After reading tens if not hundreds of banana bread recipes, I have found the basic ingredients are the same. What makes one stand out above the others? What separates the good from the best? It’s a question that we should all ask. 

There are a lot of great examples of companies with their owners and employees going above and beyond in our current crisis. Here are a few that are standing out:

Corey Hickmann, owner of Comfort Matters Heating & Cooling, who not only has been urging his customers to support locally owned businesses by purchasing gift cards, he is matching their gift card purchases. And, he is then giving the customers the matching gift card.

Dave Squires, President of Online-Access, commissioned a seamstress to make masks for his team and their spouses. They had such a positive response, they are offering the pattern online and will mail two Merv 13 panels to anyone who requests them. Dave gives credit for the idea to Carla Kaminga of Hendrix Heating in Corvallis, Oregon.

Kent Taylor, chairman of Texas Roadhouse, is giving up his salary and bonus for the remainder of 2020 to assist front-line hourly restaurant employees.  

The one clear parallel of these companies is their leadership ability to put others first. The ability to recognize when someone is struggling and lend a hand to help them up.  

What have I found that makes one recipe stand out from a sea of others? The quality of the ingredients. The same can be said for these companies. What makes them stand out? The quality of their leadership. The quality of their employees. And the quality of their company mission.  

Lynn Wise is the Founder and CEO of Contractor in Charge.

Service Roundtable is dedicated to growing your bottom line and helping your business maximize its full potential. These groups of contractors work together to assist you with marketing, sales, business, and so much more. Twice a month, seminars around the United States and Canada are held to network and further assist your business. Visit Service Roundtable.com to see if there are Success Days in your area!

Tough Times Never Last, But Tough People Do!

In 2008, I lived in Southern California working for a tech company; we were a ‘start-up’ who had just gone public, and our product served photos and videos on the web before the Facebook and social media craze had fully begun. Looking back, I often wonder, “How in the world did we make it? How did we survive the 2008 crash?” But in hindsight, since we had only just started in 2005, we still had the start-up mentality in our blood; we still had the agile make-it-happen-or-die tenacity.

It was during this time, and the Christmas season, that I was invited to a place called the Crystal Cathedral for a production. The 20 million dollar building made of glass was immaculate as angels flew above the audience suspended by wires, singing Christmas Carols. My parents had often called me from Georgia and mentioned, “You should visit the Crystal Cathedral for church one Sunday!” As I sat in the shoulder to shoulder packed pew, I wished I had taken them up on the idea much sooner.

Fast forward to March of 2020, as all of us face uncertain times with the Covid-19 virus, our businesses slowing to a crawl, and grocery stores emptying by the day, I found myself reading a book by a Robert H. Schuller called Tough Times Never Last, But Tough People Do! Needless to say, I didn’t know that he was the builder of the Crystal Cathedral, the pastor of this church, or that his sermons had once been televised weekly in over 120 countries. His message was on the ‘Possibility Thinking Path.’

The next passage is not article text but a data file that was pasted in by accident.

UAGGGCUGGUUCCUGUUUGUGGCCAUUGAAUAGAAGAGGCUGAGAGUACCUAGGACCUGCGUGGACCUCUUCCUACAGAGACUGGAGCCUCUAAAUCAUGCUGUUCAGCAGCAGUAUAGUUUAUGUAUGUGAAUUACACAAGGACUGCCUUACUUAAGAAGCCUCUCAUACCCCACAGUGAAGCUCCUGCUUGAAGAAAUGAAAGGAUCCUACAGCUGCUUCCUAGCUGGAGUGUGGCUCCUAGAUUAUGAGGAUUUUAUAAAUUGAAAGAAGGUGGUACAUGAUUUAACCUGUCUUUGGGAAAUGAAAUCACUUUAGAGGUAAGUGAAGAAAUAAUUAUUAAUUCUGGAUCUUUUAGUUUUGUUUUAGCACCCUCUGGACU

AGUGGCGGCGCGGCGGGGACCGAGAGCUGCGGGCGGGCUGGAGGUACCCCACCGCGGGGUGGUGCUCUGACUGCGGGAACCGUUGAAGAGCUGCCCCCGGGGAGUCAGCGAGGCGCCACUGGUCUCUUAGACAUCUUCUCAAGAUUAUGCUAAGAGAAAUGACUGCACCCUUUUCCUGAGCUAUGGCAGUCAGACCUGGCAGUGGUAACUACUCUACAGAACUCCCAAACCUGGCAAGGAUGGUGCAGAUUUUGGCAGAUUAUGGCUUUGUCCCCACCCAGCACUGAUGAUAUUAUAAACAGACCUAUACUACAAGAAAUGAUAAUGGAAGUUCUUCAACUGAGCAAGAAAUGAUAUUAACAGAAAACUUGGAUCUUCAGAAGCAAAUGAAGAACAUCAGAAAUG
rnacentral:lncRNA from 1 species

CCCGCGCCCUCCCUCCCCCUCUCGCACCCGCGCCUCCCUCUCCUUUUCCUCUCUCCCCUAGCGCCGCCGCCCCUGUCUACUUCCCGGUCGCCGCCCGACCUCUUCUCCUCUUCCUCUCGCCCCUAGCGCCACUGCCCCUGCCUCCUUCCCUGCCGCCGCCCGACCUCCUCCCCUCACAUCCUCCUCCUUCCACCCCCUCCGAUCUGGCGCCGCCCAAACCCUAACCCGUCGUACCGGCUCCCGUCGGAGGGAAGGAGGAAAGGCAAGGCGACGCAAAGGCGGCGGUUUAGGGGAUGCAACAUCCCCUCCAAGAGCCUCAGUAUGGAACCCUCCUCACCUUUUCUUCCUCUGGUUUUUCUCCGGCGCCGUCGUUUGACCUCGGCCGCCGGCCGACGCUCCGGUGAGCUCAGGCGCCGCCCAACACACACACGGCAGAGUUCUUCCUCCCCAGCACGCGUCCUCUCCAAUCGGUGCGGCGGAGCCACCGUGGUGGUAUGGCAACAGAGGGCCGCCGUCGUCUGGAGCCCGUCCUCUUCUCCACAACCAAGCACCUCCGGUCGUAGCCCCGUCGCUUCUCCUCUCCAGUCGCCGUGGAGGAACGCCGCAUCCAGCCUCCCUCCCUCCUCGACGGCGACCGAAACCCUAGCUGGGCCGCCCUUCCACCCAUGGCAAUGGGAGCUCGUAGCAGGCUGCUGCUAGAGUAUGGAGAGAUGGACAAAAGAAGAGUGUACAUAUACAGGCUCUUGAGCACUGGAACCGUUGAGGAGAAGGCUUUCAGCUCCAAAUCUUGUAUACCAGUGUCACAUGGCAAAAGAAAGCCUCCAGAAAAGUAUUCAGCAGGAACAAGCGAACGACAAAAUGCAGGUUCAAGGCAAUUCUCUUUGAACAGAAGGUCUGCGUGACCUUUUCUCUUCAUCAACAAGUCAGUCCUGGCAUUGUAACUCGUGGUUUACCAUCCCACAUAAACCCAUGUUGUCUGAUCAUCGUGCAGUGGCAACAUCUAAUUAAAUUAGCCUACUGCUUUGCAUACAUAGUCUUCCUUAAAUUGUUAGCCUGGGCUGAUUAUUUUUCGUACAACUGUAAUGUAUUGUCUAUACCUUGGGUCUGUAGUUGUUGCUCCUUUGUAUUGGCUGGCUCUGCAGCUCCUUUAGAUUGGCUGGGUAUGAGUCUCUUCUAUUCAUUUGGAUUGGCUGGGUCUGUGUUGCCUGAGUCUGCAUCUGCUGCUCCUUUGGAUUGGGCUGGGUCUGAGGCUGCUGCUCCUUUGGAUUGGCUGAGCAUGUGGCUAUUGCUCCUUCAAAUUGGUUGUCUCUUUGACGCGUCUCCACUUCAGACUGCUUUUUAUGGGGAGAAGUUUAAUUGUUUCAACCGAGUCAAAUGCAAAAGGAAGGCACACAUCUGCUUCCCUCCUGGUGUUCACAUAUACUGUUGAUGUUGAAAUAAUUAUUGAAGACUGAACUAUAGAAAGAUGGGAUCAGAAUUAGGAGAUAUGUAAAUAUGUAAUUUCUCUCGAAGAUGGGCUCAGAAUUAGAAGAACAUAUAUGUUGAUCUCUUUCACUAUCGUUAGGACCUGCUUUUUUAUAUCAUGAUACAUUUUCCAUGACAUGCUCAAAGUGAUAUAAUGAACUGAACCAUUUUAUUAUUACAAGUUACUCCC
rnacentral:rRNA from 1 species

But way before Robert was a successful minister, he was a farmer in Iowa. His father built a farm in the Great Depression, and years later, he had finally reached a point where he had nine buildings for his farm on their family’s land – can you imagine? Working so hard and for so many years – years of depression, years of drought, years of 20 degrees below zero in the wintertime and unable to afford coal to heat their little farmhouse. Robert as a child would dig through the leftovers after their pigs were fed to pull out the corn cobs, hang them to dry, and that is what they used as fuel to keep their family alive during the cold, harsh winters. Pushing through and trudging on, they built up that farmland, and it was a big deal to proclaim nine buildings; that is until a tornado descended out of a gray sky one summer evening when Robert was home on summer break from college. He recalls his dad shouting for him to get his mother out of the house and meet him in the truck. Together, they drove one mile toward the tornado before they could veer off an old farm road and head two miles out of the way. From a hillside, they sat and watched over the next ten minutes as the tornado destroyed their farm and flattened all nine buildings.

In moments of utter despair, we all have a choice; a crossroads. There are no words, no comfort, no magic pill that will make it better- but there is a choice. Robert’s dad chose as they returned to their farm to witness the ruins; he fell to his knees and prayed, and then began to rebuild. Years later, he died a successful man after having rebuilt every one of those nine buildings and his farm. “Great people are ordinary people with extraordinary amounts of determination.” And that is what is going to get us through this Spring season – this unexpected turn of a season. The bloodline of our industry is strong. My friends, my contractors, my family – Tough Times Never Last, But Tough People Do!

Written by Danielle Putnam, President of The New Flat Rate and Immediate Past President of Women in HVACR

Service Roundtable is dedicated to growing your bottom line and helping your business maximize its full potential. These groups of contractors work together to assist you with marketing, sales, business, and so much more. Twice a month, seminars around the United States and Canada are held to network and further assist your business. Visit Service Roundtable.com to see if there are Success Days in your area!